DON’T – Carrying on from the first suggestion, do not and I mean never ever, set vague goals. So if you find yourself saying something like, I’m going to take my football more seriously this year, refer back to the first do. If you have ever found yourself starting something for a few weeks and then slowly but surely reverting back to old habits, vague goals may well be the reason why. Vague goals can also be thought of as wishful thinking.

DON’T – A goal that can’t be measured is not a great goal to set. Setting a goal that you can measure allows you to check your progress as you set out to achieve your something and lets you know when you have been successful. If you want to improve your diabetes management this year, perhaps set a target for where you would like your HBA1C score to be for your next consultation. It’s really important to mention here, that goals concerning your HBA1C score should be set with gradual improvement in mind, not drastic changes.

DO – Set goals that are positive. This is a simple but powerful tip; it’s really important to focus on what we want to happen rather than what we’d like to avoid. When you’re setting goals, try and make them about increasing behaviours rather than decreasing behaviours. So if you have a goal regarding your nutrition, make your goal about starting to eat things that are going to help you lead a healthier life instead of stop eating foods that don’t help you lead the lifestyle you would like. Being positive in your goal setting will help you decide on the actions that will help you get there (remember the first do).

Since I have just suggested to make your goals positive, I am going to finish on a do rather than a don’t. My advice to you all, setting goals will increase the chance that any resolutions you’ve made will continue past January. Goal setting is key to long lasting motivation and it will also let you see how far you’ve come. Once you see yourself making progress I hope this will also increase your motivation to continue. Happy New Year folks!

Alex.

If anyone wants some more in-depth advice regarding setting goals for the New Year, don’t hesitate to get in contact with me via email.

alexrichards35@gmail.com”

IMG_1476

Reflecting upon 2017, whilst looking forward to 2018

First of all, I hope everyone had an amazing Christmas and is looking forward to 2018. I always see this time of year as the perfect opportunity to reflect on what has gone before and review the year’s trials and tribulations. It helps me process how I’ve dealt with what’s happened throughout the year and then focus on what I need to do in 2018 to make things successful from a personal perspective and in this case, on behalf of The Diabetes Football Community (TDFC).

For the purpose of this post I’ll steer clear from my own personal ups and downs across the year. Instead, I want to solely focus this post around the achievements of TDFC and the direction we’re taking for 2018 as it’s been a constant source of positivity within my life in 2017 and I hope it has been the same for the diabetes community.

Let’s rewind ourselves back to February and the start of the project… When I left university in 2012 I wanted to find a way of helping people with Diabetes around sport and specifically Football, knowing the experience I’d had within the game, but at that time I maybe didn’t have the experience, knowhow or the mindset to pull it off. However the continued rise of Social Media in that 4/5 year period all of a sudden gave me the platform I needed to communicate and share this experience. After a period of communicating and talking about my own personal circumstances and life within the #GBDoc the idea came to me… A free vehicle in the form of Twitter and Facebook where I could share some snippets of my own knowledge and hopefully encourage others to do the same and form a peer support community which could bridge the gap between legal disablement (Equality Act, 2010) and partaking in mainstream sport. There aren’t many conditions where this occurs and for me there hasn’t been anywhere near enough support for people living with chronic medical conditions in my sport during my life playing football. This is something I feel passionately about changing! This drive/passion and obvious gap I’d felt myself, created the growth platform for TDFC.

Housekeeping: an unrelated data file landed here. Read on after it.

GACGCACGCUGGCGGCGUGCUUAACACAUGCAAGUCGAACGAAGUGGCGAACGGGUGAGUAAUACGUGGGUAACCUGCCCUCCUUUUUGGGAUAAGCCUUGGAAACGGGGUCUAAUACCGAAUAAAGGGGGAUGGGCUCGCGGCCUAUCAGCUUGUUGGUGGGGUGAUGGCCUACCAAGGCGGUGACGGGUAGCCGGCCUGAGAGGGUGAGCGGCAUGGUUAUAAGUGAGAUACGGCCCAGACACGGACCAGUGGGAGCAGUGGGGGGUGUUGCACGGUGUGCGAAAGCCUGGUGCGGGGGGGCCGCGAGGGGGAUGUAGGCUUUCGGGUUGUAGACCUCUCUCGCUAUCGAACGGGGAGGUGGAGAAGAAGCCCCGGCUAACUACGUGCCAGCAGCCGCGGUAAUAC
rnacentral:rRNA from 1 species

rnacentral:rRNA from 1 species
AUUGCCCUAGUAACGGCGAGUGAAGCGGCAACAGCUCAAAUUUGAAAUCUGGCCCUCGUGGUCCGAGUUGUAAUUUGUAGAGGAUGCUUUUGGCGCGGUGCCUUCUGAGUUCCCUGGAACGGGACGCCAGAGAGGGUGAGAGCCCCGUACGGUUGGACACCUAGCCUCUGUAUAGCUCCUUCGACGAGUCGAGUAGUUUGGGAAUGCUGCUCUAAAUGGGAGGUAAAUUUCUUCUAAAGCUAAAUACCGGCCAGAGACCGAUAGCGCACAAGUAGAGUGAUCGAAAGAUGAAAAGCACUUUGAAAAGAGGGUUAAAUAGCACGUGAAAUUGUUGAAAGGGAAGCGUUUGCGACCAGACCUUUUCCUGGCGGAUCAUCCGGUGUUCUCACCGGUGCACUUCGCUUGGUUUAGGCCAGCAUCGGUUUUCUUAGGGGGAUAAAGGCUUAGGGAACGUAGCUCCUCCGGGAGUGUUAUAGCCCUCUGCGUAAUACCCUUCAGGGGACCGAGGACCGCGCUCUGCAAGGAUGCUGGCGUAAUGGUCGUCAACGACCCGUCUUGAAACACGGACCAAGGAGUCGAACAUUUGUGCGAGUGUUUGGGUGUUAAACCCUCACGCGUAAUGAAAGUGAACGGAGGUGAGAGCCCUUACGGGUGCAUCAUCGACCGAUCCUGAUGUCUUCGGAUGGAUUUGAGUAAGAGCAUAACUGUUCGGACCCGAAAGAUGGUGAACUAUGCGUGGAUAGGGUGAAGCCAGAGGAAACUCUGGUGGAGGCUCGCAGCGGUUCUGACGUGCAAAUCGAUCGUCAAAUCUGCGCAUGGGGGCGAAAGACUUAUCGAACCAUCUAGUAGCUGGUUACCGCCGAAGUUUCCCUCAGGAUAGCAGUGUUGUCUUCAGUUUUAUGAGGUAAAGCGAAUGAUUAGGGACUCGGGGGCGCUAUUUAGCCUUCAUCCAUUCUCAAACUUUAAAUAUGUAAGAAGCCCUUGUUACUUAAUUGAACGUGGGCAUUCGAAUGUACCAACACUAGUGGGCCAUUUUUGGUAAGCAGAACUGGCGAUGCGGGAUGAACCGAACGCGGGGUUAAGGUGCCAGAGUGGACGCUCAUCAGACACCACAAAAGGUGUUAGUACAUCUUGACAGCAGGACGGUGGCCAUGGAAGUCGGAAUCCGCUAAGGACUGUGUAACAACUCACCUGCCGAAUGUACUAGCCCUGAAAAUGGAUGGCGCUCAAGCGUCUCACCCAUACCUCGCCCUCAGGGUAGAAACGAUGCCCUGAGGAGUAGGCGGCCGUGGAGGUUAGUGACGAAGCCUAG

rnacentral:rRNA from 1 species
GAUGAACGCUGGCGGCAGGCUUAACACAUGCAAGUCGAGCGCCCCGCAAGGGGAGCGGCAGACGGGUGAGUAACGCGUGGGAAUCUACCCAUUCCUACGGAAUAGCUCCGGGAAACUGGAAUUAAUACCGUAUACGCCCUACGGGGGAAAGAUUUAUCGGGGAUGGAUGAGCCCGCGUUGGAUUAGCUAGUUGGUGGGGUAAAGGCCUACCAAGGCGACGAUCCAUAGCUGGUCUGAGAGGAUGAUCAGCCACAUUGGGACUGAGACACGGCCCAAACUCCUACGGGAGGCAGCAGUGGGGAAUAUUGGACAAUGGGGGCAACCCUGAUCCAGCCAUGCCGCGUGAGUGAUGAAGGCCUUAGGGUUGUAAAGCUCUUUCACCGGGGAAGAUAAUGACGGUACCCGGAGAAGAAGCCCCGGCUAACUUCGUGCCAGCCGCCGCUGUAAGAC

So following hundreds of posts, tweets, direct messages, blog posts, networking with others, conferences, Facebook live videos and a couple of podcasts during the 10 months since TDFC began, we now have 700+ followers on Twitter, 3000+ likes on Facebook and since the website launched at the end of May, it has received 6,500 views. To say I’m extremely proud of what we’ve done in growing the network and supporting people with diabetes would be the understatement of the century. I can only describe it as an incredible reflection of our hard work and of the gaping hole which needs addressing for this group of people.

However, you can’t achieve this all on your own…So let me say a huge, huge thank you to the team of people who have supported the development of TDFC across 2017. Firstly to James (Jim), who has completely driven the look and feel of our platforms, logos, images, T-shirts, leaflets and any collateral promoting the project. He does this whilst balancing a full time job and whilst having a young child, so his support has been incredible and I hope I can pay you back one day buddy. Secondly to Noel, whose enthusiasm for supporting people with diabetes and advocating for improvements is second to none and is truly inspiring. She continues to help push the project forward and lead TDFC in the USA. Whilst lastly I’d like to say thank you to Karl, Alex and Jon who have all recently been added to our family and have supported in three very different but extremely valuable ways. All of you have been incredible and without you there can be no doubt that the growth of TDFC would not have been as rapid. I’m very grateful to have you all on board and always will be. I look forward to you continuing on the journey and with some of the awesome things we’ve got coming up for 2018 I hope to see a few more joining the TDFC ranks, to help drive some of our ideas forward!